South Street is also home to a wide variety of bars, from classic Irish pubs to hipster dive bars with names like Tattooed Mom. Live music performances can be seen at the Theatre of Living Arts.

It’s easy to choose your own adventure and have a fun night out here, especially on the weekend.

facade of the Philadelphia Museum of Art
facade of the Philadelphia Museum of Art

Tips For A 2 Day Philadelphia Itinerary

Here are some must know tips for visiting Philadelphia.

1. How To Get To Philadelphia

Philadelphia International Airport (PHL) is the main airport serving the city. It offers numerous domestic and international flights, making air travel one of the most convenient ways to reach Philadelphia from distant locations.

To get to your accommodation, you can rent a car or catch a taxi. Or, to make it easy you can book a private transfer to your hotel.

Amtrak operates frequent train services to Philadelphia’s 30th Street Station, one of the busiest rail hubs in the country. The station connects to major cities along the East Coast and the Midwest. From there, you can take a taxi or Uber.

Various bus companies, such as Greyhound and Megabus, also offer services to Philadelphia’s bus terminals, including the Greyhound Bus Terminal and the Megabus Stop.

townhouses near Rittenhouse Square
townhouses near Rittenhouse Square

If you prefer driving, you can reach Philadelphia by car via major highways such as Interstate 95 (I-95) from the north and south, Interstate 76 (I-76) from the west, and Interstate 676 (I-676) from the east.

2. How To Get Around Philadelphia

The historic sites in Philly are in a compact area and within easy walking distance. Just 25 blocks separate the two rivers defining Philadelphia.

It’s a 45 minute walk from river to river. Numbered streets run north/south and named streets run east/west.

You don’t need a car in Philadelphia. In fact, a car will likely be a hindrance as parking is hard to come by and rather expensive.

To get to all of your itinerary destinations in a hurry, it’s easiest to take Uber of Lyft.

The public transportation, SEPTA, can seem a bit baffling. It’s both a beloved and hated beast. But you can check out the SEPTA site to study up on transportation options.

street art mural on South Street
street art mural on South Street

You can also use the Hop On Hop Off Bus to get around to Philly’s main attractions.

Or, go on a fun Segway tour or trolley tour of the city.

3. Guided Tours In Philadelphia

There are a bunch of good tours you may want to invest in to explore and get around Philadelphia. You can pick one that suits you.

They include:

Philadelphia skyline with the Schuylkill River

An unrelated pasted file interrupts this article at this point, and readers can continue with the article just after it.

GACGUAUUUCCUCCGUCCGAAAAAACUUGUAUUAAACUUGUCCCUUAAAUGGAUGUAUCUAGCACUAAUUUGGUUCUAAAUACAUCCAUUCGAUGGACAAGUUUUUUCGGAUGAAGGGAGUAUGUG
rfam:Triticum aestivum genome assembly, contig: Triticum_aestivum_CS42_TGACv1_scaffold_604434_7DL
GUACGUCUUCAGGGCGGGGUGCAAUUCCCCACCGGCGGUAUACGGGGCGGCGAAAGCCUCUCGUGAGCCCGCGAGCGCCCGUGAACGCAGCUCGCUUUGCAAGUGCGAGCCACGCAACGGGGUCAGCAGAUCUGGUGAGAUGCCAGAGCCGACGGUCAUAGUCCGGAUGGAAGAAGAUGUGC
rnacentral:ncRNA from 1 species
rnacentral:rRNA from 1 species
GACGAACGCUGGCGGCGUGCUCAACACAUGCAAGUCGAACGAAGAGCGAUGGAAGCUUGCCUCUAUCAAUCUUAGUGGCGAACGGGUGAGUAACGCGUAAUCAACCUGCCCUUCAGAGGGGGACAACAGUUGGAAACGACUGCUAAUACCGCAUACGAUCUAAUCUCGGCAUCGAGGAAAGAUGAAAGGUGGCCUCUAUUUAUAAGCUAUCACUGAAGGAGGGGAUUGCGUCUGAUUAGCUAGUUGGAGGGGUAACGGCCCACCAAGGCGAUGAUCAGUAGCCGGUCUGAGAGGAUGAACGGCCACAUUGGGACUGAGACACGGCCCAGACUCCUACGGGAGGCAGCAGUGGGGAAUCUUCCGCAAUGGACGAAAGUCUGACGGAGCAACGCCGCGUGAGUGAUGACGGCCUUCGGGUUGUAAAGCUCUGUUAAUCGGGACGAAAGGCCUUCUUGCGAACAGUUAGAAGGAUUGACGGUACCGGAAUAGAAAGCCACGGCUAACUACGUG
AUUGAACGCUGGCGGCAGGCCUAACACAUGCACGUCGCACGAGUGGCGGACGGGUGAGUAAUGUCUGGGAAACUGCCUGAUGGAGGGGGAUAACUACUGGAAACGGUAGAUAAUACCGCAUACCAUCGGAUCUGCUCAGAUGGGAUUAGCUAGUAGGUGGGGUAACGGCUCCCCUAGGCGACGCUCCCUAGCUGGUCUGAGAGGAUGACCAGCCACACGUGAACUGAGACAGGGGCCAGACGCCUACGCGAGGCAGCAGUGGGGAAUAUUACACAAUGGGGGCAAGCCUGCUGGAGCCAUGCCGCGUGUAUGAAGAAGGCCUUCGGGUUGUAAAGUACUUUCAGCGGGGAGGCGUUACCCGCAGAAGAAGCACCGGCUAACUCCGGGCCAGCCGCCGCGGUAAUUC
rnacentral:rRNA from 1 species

Philadelphia skyline with the Schuylkill River

4. City Passes

If you plan on visiting several pricey attractions, you might want to invest in either Go City All Inclusive Pass or the Philadelphia Explorers Pass.

The Philadelphia Pass is a smart card that gives you admission to 30 attractions. The price varies depending on the number of day (1-5 day passes are available).

At some attractions, you can skip the line using these passes, a big benefit during high season.

5. Tourist Office Locations

The main tourist office is found at the Independence Visitor Center in the Historic District, at the junction of 6th and Market Streets. There are also visitor centers at City Hall and Love Park.

fireworks at Penn's Landing
fireworks at Penn’s Landing

6. When to Visit Philadelphia

The best time to visit Philadelphia is in the spring or fall. Summer can be crowded and sweltering. Winter can be bitterly cold and windy. Having said that, Philadelphia has some notable wintery attractions.

Philadelphia’s Thanksgiving Day Parade is the oldest in the nation.

In the winter, Philadelphia has an authentic open air German Christmas market, Christmas Village, staged at Love Park and City Hall. You can also enjoy the Christmas Light Show at Macy’s and the Franklin Square Holiday Festival.

Philadelphia is also renowned for its razzle dazzle New Year Eve celebrations. Revelers gather at Penn’s Landing for a spectacular fireworks display.

On New Years Day, there’s a costumed Mummer’s Parade so unique that it’s been featured in National Geographic.

Library Bar at The Rittenhouse
Library Bar at The Rittenhouse

7. Where To Stay in Philadelphia

There are some absolutely wonderful boutique hotels in Philly, my other preferred lodging option.

You can check out the The Franklin on Rittenhouse, AKA Rittenhouse Square, The Rittenhouse, or Alexander Inn.

Then, there are wonderful luxury options like the Ritz-Carlton and the Four Seasons. And the reliable standbys like the Sofitel at Rittenhouse Square, Hilton Garden, Marriott, or the Doubletree.

Rittenhouse Row, Philadelphia's toniest address
Rittenhouse Row, Philadelphia’s toniest address

If you’re interested in other travel destinations on the East Coast, you might enjoy these articles:

I hope you’ve enjoyed my two day itinerary for Philadelphia. If you’d like to spend a weekend in Philadelphia, pin it for later.

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Pinterest pin for 2 days itinerary for Philadelphia